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Gov. Dayton 'appalled' that the U forces student basketball and hockey fans to buy football tickets

Gov. Mark Dayton today said that he was "appalled" at news that University of Minnesota students who want to buy Gopher hockey or basketball tickets were being forced to by Gopher football tickets, too.

In a letter to U of M President Eric Kaler, Dayton said:

"The Legislature and I did not provide the additional funding for the University to freeze students' tuitions over two years so that you could invent other ways to increase their costs."

The controversy involves a new policy for student tickets: packages were "bundled" this year, providing a low price for student tickets that included hockey and football, or basketball and football, or all three.

But students who wanted hockey protested the action, saying there were forced to pay for football games they didn't want.

On Thursday, the Student Senate voted to oppose the new system, calling it unfair and overpriced.

But with the bundling, the University sold more football student season tickets than in previous years: 6,260 this year, compared to 4,975 in 2013 and 3,885 in 2012.

Not good, Dayton told Kaler:

"The stated and implied purposes of this new scheme are to increase football attendance and to raise money. I believe that the proper way to increase attendance is to play the kind of outstanding football your team displayed in trouncing Michigan last Saturday. And I strongly oppose your raising additional sports revenues by overcharging your students.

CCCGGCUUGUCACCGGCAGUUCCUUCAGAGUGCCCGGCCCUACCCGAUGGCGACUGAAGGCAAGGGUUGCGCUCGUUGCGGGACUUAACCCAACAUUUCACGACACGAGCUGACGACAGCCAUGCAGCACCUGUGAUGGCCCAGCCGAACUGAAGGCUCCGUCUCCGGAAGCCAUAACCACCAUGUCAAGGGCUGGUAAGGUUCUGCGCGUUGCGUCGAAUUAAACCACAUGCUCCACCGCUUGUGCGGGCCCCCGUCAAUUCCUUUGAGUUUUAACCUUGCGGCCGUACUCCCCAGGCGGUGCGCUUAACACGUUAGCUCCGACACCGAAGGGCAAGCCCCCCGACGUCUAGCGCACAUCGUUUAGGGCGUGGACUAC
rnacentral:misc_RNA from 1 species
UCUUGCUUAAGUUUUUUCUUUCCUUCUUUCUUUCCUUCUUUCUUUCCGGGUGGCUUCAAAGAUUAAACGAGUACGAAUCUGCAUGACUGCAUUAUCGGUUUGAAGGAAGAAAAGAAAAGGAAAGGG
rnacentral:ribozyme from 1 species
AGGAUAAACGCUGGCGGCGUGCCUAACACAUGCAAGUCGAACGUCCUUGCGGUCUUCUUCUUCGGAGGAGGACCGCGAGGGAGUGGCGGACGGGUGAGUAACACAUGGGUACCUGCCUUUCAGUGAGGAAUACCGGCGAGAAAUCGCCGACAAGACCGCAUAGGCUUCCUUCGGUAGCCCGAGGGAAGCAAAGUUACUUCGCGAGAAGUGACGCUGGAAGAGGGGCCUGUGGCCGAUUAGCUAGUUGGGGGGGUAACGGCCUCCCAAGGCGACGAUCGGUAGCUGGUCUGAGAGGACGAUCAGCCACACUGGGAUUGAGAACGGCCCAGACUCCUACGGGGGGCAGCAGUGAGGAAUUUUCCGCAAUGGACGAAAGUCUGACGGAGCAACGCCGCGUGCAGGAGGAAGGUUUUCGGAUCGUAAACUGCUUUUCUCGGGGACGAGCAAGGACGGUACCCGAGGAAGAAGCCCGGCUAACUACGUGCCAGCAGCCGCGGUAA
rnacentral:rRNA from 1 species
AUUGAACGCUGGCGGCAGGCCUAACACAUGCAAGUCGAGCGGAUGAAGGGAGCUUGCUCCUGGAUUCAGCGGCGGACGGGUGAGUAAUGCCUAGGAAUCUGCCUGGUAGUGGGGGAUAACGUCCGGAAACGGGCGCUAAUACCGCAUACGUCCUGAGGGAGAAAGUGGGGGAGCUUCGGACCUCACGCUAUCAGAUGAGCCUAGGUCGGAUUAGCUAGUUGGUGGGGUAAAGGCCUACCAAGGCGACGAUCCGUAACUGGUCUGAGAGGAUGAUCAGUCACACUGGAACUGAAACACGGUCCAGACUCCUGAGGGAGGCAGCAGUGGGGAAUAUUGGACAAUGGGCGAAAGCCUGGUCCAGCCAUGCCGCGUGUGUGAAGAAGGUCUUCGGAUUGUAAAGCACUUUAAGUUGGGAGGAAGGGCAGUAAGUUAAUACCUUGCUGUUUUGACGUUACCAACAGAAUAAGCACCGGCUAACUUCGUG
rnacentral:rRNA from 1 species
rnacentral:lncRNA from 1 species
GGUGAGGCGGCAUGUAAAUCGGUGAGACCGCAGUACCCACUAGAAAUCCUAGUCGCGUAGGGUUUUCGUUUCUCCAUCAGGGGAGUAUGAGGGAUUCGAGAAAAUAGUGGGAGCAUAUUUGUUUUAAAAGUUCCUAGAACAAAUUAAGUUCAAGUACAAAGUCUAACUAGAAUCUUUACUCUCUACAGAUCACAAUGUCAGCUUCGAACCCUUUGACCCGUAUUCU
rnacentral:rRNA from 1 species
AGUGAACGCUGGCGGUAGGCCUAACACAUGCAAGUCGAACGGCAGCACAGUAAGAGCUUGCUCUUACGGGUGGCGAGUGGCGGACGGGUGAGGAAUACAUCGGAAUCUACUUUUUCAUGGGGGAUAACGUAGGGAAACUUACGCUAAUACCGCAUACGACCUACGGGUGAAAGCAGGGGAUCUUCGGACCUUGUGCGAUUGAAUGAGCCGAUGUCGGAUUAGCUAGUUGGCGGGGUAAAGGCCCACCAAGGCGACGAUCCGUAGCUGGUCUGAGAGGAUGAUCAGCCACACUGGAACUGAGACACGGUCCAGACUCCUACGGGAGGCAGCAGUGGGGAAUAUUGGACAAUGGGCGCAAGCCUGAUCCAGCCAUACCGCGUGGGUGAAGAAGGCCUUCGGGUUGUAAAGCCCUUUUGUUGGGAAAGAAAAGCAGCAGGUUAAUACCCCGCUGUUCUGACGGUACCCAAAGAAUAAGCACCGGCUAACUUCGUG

"I strongly urge you to discontinue and disband this 'bundling' practice and to make it possible for students to again buy season or individual tickets for the sports or games they want to attend."

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Comments (2)

Non-Student Season Ticket Holders

What I don't understand about this story is whether or not non-student season ticket holders were forced to buy the bundled ticket packages also. If they weren't, I would wonder why.

One would think that the general population might have more disposable income available for discretionary items such as season tickets than would generally non-income generating students. Non-students would be a more natural target for the U. of M. ticket office.

U of M Students not that interested in football

Gopher football has become more exciting and likely of success than it has in years. Nonetheless, the typical U of M ticket-buying student has other preferences. Does this, by any chance, tell us something about the future of pro football?

That just maybe, possibly, the financial assumptions underpinning the already grotesque level of public support,
the ones that pre-suppose every Vikings game being sold out for the next twenty years, just might be a tad overly optimistic?